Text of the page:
A publication of the Archaeological Institute of America
Around the World
ARIZONA: Artifacts recovered from a site in Santa Cruz County may provide new information about Francisco Coronado’s 1540 expedition through the American Southwest. Starting in Mexico, the Spanish conquistador eventually traveled as far north as Kansas, although the exact route he took is debated. Hundreds of newly found objects, including parts of crossbows and other European weaponry, might be linked with Coronado and his men, suggesting they may have passed through southern Arizona along the Santa Cruz River.
FLORIDA: When conservators cleaned an encrusted button found in a 1782 shipwreck off the coast of St. Augustine, they were stunned by the 3 letters it displayed: USA. That might not ordinarily have caused surprise, but experts knew that when the ship went down, it was carrying British soldiers and loyalists fleeing the Revolutionary War. It’s possible that the button was taken from a Continental soldier’s uniform by a supporter of the crown on the battlefield and saved as a war token.
MEXICO: Cacao was an integral part of Maya life and was grown in well-guarded sacred groves. However, since much of the Yucatán’s hot, arid environment is unsuitable for cultivation of cacao trees, archaeologists have wondered how they grew so bountifully. Soil samples taken from several cenotes, or sinkholes, near Maya sites revealed the presence of caffeine and theobromine, biomarkers of cacao. The cenotes may have provided both humidity and shade, creating the perfect microclimate for the trees.
CHILE: Modern forensic techniques have determined that a prehistoric fisherman who was buried along Chile’s northern coast 5,000 years ago suffered a tragic drowning accident. Wear marks on his bones indicate that he spent most of his life rowing a boat and throwing a harpoon. Analysis of the man’s bone marrow revealed tiny marine fossils and sediments that could only have entered his system if he had inhaled a fatal amount of salt water shortly before his death.
PORTUGAL: Researchers were surprised to learn that a man who was buried in an 8,000-year-old shell midden actually died only around 350 years ago. His remains were discovered in 1930 in the Tagus Valley among much older Mesolithic skeletons. Recent DNA and isotope analysis of the man’s teeth indicate that he was from Senegambia in West Africa and was likely brought to Portugal as an enslaved person. His interment in a prehistoric necropolis may suggest that the site was revered by the local African community.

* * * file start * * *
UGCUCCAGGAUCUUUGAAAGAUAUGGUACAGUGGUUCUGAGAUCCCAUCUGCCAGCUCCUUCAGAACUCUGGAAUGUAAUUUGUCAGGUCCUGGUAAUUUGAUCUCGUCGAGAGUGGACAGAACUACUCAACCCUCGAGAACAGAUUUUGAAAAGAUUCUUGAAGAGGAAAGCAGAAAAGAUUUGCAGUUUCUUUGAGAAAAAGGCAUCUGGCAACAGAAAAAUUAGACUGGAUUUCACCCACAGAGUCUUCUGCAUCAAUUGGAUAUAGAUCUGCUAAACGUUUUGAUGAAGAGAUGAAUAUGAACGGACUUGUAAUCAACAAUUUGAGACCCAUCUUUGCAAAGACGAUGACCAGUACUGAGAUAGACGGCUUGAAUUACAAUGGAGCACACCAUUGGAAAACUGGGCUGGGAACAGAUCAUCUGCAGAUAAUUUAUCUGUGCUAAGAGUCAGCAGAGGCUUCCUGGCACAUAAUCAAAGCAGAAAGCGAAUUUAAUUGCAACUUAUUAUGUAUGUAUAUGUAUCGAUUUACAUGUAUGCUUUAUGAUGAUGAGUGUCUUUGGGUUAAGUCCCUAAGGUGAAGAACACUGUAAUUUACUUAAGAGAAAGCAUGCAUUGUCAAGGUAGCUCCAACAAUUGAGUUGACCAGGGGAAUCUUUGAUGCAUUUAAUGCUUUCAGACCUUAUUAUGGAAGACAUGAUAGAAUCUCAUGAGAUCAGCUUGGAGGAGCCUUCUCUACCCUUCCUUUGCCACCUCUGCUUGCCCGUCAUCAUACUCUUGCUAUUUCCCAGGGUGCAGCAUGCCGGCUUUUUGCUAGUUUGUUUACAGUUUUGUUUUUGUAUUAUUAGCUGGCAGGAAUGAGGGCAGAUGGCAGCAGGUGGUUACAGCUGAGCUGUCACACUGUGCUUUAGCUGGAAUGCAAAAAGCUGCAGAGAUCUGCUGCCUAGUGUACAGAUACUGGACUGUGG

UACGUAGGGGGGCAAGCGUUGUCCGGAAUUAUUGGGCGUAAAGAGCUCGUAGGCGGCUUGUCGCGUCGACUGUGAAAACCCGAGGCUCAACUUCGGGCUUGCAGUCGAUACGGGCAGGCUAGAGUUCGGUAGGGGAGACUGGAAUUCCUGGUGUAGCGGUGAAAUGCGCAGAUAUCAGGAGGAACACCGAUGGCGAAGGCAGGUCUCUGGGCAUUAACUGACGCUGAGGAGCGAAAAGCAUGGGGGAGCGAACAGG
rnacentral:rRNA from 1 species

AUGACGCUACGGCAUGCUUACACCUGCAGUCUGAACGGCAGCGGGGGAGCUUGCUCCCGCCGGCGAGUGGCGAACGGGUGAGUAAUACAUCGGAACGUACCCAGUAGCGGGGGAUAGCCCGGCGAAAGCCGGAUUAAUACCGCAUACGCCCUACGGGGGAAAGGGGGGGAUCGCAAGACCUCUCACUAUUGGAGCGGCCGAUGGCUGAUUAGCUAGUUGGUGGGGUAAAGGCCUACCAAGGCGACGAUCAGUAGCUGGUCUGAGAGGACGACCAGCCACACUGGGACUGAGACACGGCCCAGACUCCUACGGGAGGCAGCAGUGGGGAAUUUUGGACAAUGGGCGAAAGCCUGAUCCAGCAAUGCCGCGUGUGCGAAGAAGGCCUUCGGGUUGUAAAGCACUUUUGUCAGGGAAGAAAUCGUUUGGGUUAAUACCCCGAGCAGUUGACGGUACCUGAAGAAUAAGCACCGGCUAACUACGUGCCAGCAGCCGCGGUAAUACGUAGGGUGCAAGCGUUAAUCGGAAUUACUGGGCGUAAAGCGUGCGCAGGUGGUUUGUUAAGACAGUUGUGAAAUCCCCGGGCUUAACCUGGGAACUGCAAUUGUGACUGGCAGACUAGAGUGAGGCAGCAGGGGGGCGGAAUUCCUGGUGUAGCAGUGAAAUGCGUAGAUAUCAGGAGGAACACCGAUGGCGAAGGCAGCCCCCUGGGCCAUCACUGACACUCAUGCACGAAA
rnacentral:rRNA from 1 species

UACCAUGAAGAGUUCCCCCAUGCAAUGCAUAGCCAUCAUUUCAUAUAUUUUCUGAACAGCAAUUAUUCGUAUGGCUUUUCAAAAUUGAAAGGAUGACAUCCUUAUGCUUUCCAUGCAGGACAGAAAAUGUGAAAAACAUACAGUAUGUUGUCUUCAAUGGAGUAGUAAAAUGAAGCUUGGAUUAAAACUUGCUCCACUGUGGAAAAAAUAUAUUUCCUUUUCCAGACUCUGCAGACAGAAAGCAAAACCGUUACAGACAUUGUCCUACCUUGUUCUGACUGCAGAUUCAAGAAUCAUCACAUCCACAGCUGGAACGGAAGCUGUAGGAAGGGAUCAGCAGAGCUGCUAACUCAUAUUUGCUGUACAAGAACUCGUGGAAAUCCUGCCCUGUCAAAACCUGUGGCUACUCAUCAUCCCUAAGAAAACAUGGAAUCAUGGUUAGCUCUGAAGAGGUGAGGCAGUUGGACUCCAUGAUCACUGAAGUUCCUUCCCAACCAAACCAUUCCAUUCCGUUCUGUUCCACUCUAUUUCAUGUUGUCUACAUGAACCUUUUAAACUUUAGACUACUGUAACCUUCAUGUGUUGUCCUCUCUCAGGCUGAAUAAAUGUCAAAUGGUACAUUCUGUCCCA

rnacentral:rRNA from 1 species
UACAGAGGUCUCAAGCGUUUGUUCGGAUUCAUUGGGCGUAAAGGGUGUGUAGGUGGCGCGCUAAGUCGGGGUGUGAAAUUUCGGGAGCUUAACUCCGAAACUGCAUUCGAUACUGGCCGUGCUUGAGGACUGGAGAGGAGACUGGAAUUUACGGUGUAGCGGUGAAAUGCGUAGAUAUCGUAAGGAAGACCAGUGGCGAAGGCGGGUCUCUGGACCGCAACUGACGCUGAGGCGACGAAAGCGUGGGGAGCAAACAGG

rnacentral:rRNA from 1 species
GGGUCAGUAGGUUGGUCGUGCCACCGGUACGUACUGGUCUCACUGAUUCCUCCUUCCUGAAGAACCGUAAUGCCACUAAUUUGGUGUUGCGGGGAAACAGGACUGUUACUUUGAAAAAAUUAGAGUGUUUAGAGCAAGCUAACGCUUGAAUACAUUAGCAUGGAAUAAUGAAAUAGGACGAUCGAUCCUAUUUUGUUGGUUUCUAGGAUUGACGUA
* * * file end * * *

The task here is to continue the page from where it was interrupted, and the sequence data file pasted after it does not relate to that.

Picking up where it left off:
SPAIN: An elderly woman who lived around 5,300 years ago is believed to be the earliest known recipient of ear surgery. Her skull was found at the megalithic tomb known as the Dolmen of El Pendón with two perforations cut into the mastoid bone behind each of her ears. The painful procedure was performed with stone tools in order to treat an infection that could have led to deafness. Because her bones had begun to regenerate, it’s likely the woman survived the ordeal.
HUNGARY: A rare gold coin known as a double aureus was unearthed at a Roman site in southwestern Hungary. It was minted during the reign of Volusianus, who co-ruled with his father from A.D. 251 to 253. The front features the young, bearded emperor wearing a crown of rays, while the back depicts the goddess Libertas, the personification of freedom. Because Volusianus was only in power for a short time—he was assassinated by his own troops—few surviving coins bear his likeness.
UNITED ARAB EMIRATES: The remains of round stone buildings on Ghagha Island west of Abu Dhabi are the oldest ever found in the country and surrounding region. Radiocarbon dates estimate that the ruins are 8,500 years old, making them 500 years older than the previously recorded earliest structures, which were found on Marawah Island. Although its climate today is dry and unwelcoming, Ghagha Island would have been much more hospitable thousands of years ago, when it was likely home to a small Neolithic community.
PAKISTAN: One of the world’s oldest known Buddhist temples was unearthed atop the ancient acropolis of Barikot in the Swat Valley. The complex, which is preserved to a height of more than 10 feet, dates to the 2nd century B.C. It was built on a platform and features a cylindrical structure, a small stupa, and a number of small rooms. The site has a more than 3,000-year-long history and was purportedly besieged by Alexander the Great in 327 B.C.
JAPAN: The monumental burial mounds known as kofun are said to contain the remains of Japan’s semilegendary early emperors, who ruled between the 3rd and 7th centuries A.D. Because they are considered sacred, access to the mounds is limited, and archaeologists still know very little about them. However, a new study used high-resolution satellite images and revealed that all the entrances to the keyhole-shaped tombs are aligned with the rising sun. Japanese tradition holds that the first emperors were direct descendants of the sun goddess Amaterasu.
A Revolutionary War shipwreck, early Buddhism in Pakistan, ancient ear surgery, and following a conquistador to Kansas
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